I don't really know when or what my next photographic adventure will be. I don't know who I'll reach out to next, or where the next location will be. Truthfully, I just want there to be a next time, and a next project. Currently, I've been thinking a lot about where my photography and a career might intersect. Frankly, I don't know how my photography would hold up in a more commercial setting, or if I'll even choose to ever combine the two. There's a lot that's up in the air. Maybe I should be thinking less about it, and just pursue the two separately, with the hope tucked away that one day these two aspects of me might have the opportunity to cross paths. I'm not usually the kind of person who would leave their passions and their future to the whims of fate. It's nice to know that I can control what I can do, and I can control what might happen to me. But I also acknowledge that in this instance, there might be a balancing point where I have to accept that there are some things in my power, and some not.

In the end of the day, I guess a lot of things in life come down to making the most of a situation you find yourself in. Just like all the exciting shoot locations we stumbled across yesterday, and making the most of the most exquisite blue that is Bondi.

It's funny, because I appear to be one of the least likely contenders for a beach-lover. I can't swim in open water to save my life (I can float though, which could help), I don't live anywhere close to the beach, and I can count on my fingers the number of times I've been in water in a year (not much). Still, like every Australian girl, I own several swimsuits and bikinis, and in the summer, I can't resist the pull of a beach. For every person, it might be a bit different. For true blue Australian girls, it's all about the water and being in it and moving through it. For me, it's more about just being there (alongside the being in the water thing that is almost necessary for survival in the peak of Australian summer).

The beach is probably one of the reasons I will never leave Sydney (I admit I've never been to Melbourne's finest, but I doubt in my stubborn, Australian way that they could ever match up). And I swear, if Sydney's array of beaches keep looking beautiful, and do so with the constant aid of an incredibly blue sky, I will have to be chained here forever. My camera lens deserves no less.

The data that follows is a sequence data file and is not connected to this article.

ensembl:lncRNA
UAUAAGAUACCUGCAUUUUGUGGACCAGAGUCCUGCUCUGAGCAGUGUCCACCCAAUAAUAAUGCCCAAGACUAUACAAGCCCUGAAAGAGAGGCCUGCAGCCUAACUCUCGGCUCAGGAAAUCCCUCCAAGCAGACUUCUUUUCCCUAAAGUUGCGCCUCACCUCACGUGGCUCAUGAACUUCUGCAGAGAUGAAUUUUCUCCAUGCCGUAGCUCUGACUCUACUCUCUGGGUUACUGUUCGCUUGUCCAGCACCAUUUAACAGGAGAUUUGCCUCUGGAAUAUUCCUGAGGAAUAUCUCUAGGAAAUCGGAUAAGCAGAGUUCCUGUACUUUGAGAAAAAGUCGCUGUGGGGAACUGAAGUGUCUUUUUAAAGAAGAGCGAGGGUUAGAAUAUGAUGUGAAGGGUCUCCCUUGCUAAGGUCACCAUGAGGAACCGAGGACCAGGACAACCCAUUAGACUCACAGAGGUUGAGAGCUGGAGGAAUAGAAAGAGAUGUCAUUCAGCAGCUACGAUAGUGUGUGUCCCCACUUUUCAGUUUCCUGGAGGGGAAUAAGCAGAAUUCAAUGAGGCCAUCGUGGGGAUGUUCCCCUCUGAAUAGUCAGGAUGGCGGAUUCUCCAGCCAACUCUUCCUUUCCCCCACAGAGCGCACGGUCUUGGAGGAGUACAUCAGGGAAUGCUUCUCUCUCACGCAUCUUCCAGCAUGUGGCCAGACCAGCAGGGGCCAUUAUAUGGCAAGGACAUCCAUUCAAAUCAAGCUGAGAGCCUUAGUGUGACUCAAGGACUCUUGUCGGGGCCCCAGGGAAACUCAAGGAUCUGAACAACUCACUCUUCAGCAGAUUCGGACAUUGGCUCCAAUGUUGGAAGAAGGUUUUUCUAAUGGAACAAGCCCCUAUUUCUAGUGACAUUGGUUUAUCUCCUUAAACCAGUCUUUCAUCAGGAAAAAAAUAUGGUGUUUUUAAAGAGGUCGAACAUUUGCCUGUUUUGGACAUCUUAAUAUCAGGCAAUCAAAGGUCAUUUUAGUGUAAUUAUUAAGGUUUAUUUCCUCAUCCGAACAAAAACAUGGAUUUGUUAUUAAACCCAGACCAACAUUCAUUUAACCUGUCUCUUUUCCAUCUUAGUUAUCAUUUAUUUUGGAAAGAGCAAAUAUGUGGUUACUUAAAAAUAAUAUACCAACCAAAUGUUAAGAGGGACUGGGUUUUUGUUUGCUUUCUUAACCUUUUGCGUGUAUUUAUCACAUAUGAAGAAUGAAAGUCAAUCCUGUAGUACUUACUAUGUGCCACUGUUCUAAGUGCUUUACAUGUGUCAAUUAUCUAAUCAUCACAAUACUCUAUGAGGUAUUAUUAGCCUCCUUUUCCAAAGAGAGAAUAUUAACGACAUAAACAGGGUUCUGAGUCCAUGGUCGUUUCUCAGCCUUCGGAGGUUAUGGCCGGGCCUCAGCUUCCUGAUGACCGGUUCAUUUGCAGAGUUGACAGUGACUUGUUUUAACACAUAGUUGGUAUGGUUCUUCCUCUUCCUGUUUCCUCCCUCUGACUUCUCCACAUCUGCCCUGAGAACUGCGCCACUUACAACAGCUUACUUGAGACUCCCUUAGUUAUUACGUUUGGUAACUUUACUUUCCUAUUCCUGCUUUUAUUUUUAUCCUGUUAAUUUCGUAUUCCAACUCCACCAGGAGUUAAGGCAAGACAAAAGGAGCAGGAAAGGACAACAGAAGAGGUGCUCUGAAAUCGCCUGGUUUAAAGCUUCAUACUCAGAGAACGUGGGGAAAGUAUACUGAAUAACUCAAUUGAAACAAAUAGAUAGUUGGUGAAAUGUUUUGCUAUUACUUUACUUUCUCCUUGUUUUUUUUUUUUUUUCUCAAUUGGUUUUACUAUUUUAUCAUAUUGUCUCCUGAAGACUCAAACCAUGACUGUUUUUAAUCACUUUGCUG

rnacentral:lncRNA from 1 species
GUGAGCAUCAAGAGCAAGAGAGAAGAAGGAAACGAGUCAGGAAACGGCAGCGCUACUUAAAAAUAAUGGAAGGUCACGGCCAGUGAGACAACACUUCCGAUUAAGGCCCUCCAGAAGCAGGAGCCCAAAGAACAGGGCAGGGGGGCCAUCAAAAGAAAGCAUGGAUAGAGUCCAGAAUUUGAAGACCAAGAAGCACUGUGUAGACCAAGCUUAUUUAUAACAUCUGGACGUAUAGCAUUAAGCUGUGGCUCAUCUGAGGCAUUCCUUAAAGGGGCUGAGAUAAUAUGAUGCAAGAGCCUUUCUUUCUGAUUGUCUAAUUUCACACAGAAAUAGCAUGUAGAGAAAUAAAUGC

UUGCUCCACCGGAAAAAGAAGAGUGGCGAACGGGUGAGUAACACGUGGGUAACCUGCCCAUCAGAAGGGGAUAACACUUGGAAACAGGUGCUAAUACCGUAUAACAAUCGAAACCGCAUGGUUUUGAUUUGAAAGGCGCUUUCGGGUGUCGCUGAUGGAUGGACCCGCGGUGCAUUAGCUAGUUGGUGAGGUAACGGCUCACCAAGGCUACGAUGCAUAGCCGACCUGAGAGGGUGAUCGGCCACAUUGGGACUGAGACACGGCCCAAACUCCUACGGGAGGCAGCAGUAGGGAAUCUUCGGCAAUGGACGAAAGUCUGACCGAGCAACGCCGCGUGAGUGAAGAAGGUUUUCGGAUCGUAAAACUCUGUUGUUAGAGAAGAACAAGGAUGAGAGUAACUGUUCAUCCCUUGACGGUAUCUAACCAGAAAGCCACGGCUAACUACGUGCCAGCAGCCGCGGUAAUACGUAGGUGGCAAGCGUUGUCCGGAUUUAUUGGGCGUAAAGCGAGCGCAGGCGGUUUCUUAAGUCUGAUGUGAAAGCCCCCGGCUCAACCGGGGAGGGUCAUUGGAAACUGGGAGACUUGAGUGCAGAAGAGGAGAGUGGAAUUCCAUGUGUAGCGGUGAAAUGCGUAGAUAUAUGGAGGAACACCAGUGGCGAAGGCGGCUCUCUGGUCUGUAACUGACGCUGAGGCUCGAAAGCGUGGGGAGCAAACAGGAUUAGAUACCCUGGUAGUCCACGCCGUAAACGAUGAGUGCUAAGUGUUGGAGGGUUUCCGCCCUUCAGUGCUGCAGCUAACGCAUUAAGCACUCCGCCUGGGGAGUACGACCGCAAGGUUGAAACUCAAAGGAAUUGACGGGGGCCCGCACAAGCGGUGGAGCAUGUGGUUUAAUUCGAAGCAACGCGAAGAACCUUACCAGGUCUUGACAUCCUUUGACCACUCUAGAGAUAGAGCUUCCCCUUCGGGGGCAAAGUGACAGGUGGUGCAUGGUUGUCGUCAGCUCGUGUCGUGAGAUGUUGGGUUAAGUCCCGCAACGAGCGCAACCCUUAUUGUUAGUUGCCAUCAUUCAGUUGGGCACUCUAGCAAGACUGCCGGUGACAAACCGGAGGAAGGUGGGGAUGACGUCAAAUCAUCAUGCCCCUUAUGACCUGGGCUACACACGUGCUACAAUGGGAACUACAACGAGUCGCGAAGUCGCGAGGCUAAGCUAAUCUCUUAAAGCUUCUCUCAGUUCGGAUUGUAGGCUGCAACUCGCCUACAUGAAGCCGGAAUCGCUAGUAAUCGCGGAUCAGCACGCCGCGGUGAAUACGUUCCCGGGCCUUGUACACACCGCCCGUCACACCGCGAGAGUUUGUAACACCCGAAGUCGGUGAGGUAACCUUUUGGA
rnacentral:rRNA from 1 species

The same goes for the incredible mint-blue rooftop carpark at Bondi Junction Westfield.

Basically, blue is the most incredible colour ever, and everybody looks good in blue.

M. x

Tuesday, 8 September 2015


As it turns out, a lot of my life is lived out over Facebook Messenger, as friends check up on how you're doing ,send you Pusheen emojis (the best emojis), schedule birthday meet-ups (as always, come September), and share links to Christian blog posts about friendship. In this instance, religion is not the issue (but Alice and I did come across it as a topic over caramel milkshake as we brunched), but rather, it's friendship. I think it is accurate to say that these days, 'friends' is a more fluid and perhaps even more superficial concept, but I've been so incredibly lucky to have met some lovely people this year so far in my adventures at UTS.

I've been very lucky in my life to have found friends that I almost cannot fathom not being in my life. Alice is one of the sweetest people I have met. The funny story of how I first knew of Alice was through social media stalking - particularly her very fantastic Instagram - and it really did make me feel so incredibly lucky that we just happened to get along - especially with our impressive list of coincidences (but also possibly fate).


In the midst of all my proclamations of love though, I do want to say that friendship isn't always a rainbow, and isn't always a wall of emojis, or funny faces in snapchat. Friendship is uncomfortable sometimes, or stressful - because life isn't always your Instagram feed. I am most grateful for my friends, not just because they put laughter and fun and joy into my life, but because my friends are there when it really counts. Friends motivate me, and support me, and remind me that my perspective isn't always the right one. There's always another way of looking at this difficult situation, and most importantly, you are important, and you are loved.

In short, Alice is one of my friends, and she is a beautiful person, inside and out.